My Patreon is doing tremendously well, having gotten over the $200 threshold thanks to my amazing backers. This is a huge deal for me. It means being able to survive off work that doesn’t interfere with my disabilities and allows me to focus on my writing. I can’t thank y’all enough. Yet nothing is quite nailed down – $300 is the point where I’ll be able to comfortably live off Patreon income until my seasonal job resumes, and the page has stalled at $206. So here’s some fun: at $225, I’ll cut a podcast with Daniel Harper (yes! the guy from “I Don’t Speak German!”), and at $250, Jack (the other IDSG guy!) will cut a podcast on “Alien” and “The Shining.” You don’t want to miss out on that now, do you? Of course not. Feel free to back, or at least share my work. Every bit helps. Thanks so much.
“Outside gets inside, through her skin
I’ve been out before, but this time it’s much safer in.”
A refugee of fire and radiation self-sequesters in the only shelter it knows. It’s safe in here, it lies to itself, seeking the consolation of its comforting abode. Mother, where are the angels? I’m scared of the changes. Mother is silent, smothered by the asphyxiating light in the night sky. The being responds accordingly, attempting to preserve itself the only way it can: breathing, inhaling every last respirable substance in its vicinity. There are two possible trajectories: out and in, a cyclical dichotomy of breath its hope for life relies upon. Yet its perambulation towards personhood is mutable and futile. If the being is inducted into humanity, its christening into personhood will be a hydrodynamic baptism by fire. It is the first and the last, the honored and the scorned — its story begins where it ends. This is how Kate Bush imparts the awful truth: the world will end, now, and we will hear every syllable of its last, desperate cries for clemency.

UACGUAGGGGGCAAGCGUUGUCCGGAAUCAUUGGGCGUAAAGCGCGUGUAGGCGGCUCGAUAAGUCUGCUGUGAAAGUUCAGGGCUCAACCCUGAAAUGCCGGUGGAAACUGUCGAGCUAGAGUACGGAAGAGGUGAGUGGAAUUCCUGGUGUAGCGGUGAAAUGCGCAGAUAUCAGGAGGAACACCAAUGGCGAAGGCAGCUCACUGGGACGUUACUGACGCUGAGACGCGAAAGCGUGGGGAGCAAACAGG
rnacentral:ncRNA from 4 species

What energy did Kate Bush put into her best song? “Breathing” was her “little symphony,” as Bush diminutively but proudly deemed it. Wrought over three tormented days at the tail end of Never for Ever’s Abbey Road sessions, “Breathing” had a rigorous parturiency. On some days, Bush worked for 20 hours, sometimes stopping to rest (often failing) or get high (keyboardist Max Middleton notes this seemed to relax Bush, rather than helping with any creative breakthroughs). More energy was spent on the sessions than Bush’s, however — far from accepting her band playing instruments like craftsmen, Bush was a spiritual taskmaster, making her session musicians play the song again and again until they “felt it.” Eventually it became a ritual, almost a spiritual transformation, which shaped “Breathing” accordingly. Even poor Brian Bath, who claims that Bush drove him to record his guitar part “about 200 times,” admits that “the song had changed, there was this extra thing happening in it.” Max Middleton insisted on amending his Fender Rhode part for each take, trying to make every performance more unnerving than the last.…